Being non-Catholic at a Catholic college
When I first started telling people what college I was going to, the most common response was, “Where is that?” That response wasn’t a surprise, but the other response was: “Isn’t that a Catholic school?” This question was intimidating at first, not coming from a Catholic family or knowing much about Catholicism, but after I came here and saw the atmosphere of the college, I wasn’t as worried.
Loras College is highly praised for being Catholic. It has a strong foundation based on its faith tradition. There are required classes that allow students to explore Catholicism, whether you’re Catholic or not. This can be kind of intimidating when faith is brought up and you can’t relate because you aren’t Catholic. Catholicism has just enough of a presence on campus for you to know that the school is religious, but it doesn’t force anything on its students. There’s a church on campus, and emails go out frequently about spiritual life activities, but students aren’t forced to participate. It’s comforting to know that your own religion is your own; you don’t have to change to fit in. There are plenty of others on campus who may not even be religious.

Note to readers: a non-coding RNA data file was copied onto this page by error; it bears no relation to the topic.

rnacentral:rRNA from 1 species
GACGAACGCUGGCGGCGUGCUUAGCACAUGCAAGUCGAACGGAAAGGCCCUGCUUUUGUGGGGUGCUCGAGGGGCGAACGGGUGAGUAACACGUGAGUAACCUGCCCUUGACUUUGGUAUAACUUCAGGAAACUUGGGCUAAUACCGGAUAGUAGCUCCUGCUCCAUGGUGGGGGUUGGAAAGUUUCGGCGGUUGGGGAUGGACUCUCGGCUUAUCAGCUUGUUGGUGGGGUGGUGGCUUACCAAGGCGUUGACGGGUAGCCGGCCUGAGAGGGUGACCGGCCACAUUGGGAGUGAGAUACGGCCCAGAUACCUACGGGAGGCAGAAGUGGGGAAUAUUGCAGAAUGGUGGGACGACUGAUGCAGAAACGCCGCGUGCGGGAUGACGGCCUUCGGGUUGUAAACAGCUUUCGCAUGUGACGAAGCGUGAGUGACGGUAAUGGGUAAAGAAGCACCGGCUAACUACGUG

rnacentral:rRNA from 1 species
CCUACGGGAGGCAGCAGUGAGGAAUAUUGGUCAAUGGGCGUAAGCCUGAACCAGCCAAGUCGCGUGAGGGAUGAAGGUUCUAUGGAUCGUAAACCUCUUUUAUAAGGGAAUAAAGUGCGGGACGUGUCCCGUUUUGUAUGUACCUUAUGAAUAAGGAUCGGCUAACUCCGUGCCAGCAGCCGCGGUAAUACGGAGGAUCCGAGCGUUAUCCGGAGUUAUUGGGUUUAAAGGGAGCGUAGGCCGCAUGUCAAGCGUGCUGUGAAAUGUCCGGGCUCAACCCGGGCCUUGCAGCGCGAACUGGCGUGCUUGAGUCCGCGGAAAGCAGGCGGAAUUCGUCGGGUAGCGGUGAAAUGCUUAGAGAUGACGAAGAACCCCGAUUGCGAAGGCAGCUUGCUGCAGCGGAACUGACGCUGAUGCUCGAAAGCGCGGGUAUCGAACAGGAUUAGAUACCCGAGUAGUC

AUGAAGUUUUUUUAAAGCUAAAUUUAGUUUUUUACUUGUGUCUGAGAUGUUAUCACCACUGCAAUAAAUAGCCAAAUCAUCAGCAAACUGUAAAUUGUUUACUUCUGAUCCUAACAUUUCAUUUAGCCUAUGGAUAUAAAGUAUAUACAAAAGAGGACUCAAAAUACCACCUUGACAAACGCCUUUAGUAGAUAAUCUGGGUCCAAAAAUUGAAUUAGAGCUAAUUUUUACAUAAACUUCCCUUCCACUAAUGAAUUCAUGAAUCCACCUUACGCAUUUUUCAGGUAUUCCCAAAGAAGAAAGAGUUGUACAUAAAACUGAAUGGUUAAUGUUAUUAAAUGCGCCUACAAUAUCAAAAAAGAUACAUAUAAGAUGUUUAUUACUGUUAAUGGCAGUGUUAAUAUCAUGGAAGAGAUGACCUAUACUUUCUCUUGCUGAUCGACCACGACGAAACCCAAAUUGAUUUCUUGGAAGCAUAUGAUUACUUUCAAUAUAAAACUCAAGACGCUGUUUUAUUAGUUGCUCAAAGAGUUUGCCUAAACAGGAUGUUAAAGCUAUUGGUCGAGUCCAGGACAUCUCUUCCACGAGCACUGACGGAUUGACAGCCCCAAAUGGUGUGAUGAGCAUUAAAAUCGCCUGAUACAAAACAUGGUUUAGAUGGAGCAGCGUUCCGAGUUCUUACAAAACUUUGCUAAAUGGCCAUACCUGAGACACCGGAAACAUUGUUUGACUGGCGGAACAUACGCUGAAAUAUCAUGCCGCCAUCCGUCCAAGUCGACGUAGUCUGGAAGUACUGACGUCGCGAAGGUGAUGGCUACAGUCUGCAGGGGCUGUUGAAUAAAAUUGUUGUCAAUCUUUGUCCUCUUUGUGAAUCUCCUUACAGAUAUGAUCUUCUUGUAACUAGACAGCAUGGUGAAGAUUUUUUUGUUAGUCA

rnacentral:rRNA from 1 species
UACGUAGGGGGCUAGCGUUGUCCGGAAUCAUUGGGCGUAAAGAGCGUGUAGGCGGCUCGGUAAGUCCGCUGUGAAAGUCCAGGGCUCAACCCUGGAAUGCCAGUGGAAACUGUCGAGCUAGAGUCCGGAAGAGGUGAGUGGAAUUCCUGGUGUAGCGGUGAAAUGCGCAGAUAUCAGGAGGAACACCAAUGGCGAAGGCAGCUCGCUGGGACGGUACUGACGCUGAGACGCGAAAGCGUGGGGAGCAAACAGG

I grew up in a religious household, but it wasn’t Catholic. I was baptized and confirmed as a Lutheran, and am currently a member of a United Methodist church. Although I go to church whenever possible, I don’t go habitually. I’m strong in my religious tradition and what I believe in. I’m still open to others’ ideas, and will happily engage in conversations about my faith. That is something that has helped me to feel accepted here. Everyone is accepting of others’ beliefs, whether or not they’re the same as theirs.
Both traditions that hold a place in my heart differ drastically from Catholicism. When I first attended Mass for my Catholic Traditions class it was overwhelming. There was so much up and down and kneeling, it was easy to get lost. Thankfully, the classmates that I went with were Catholic, so they were able to help me follow along. I was able to see how Catholic students do a good job of helping everyone feel included. Not once have I ever been shamed for not being Catholic, which is important for a campus like this. We take pride in what we believe in, and it shows in everything we do.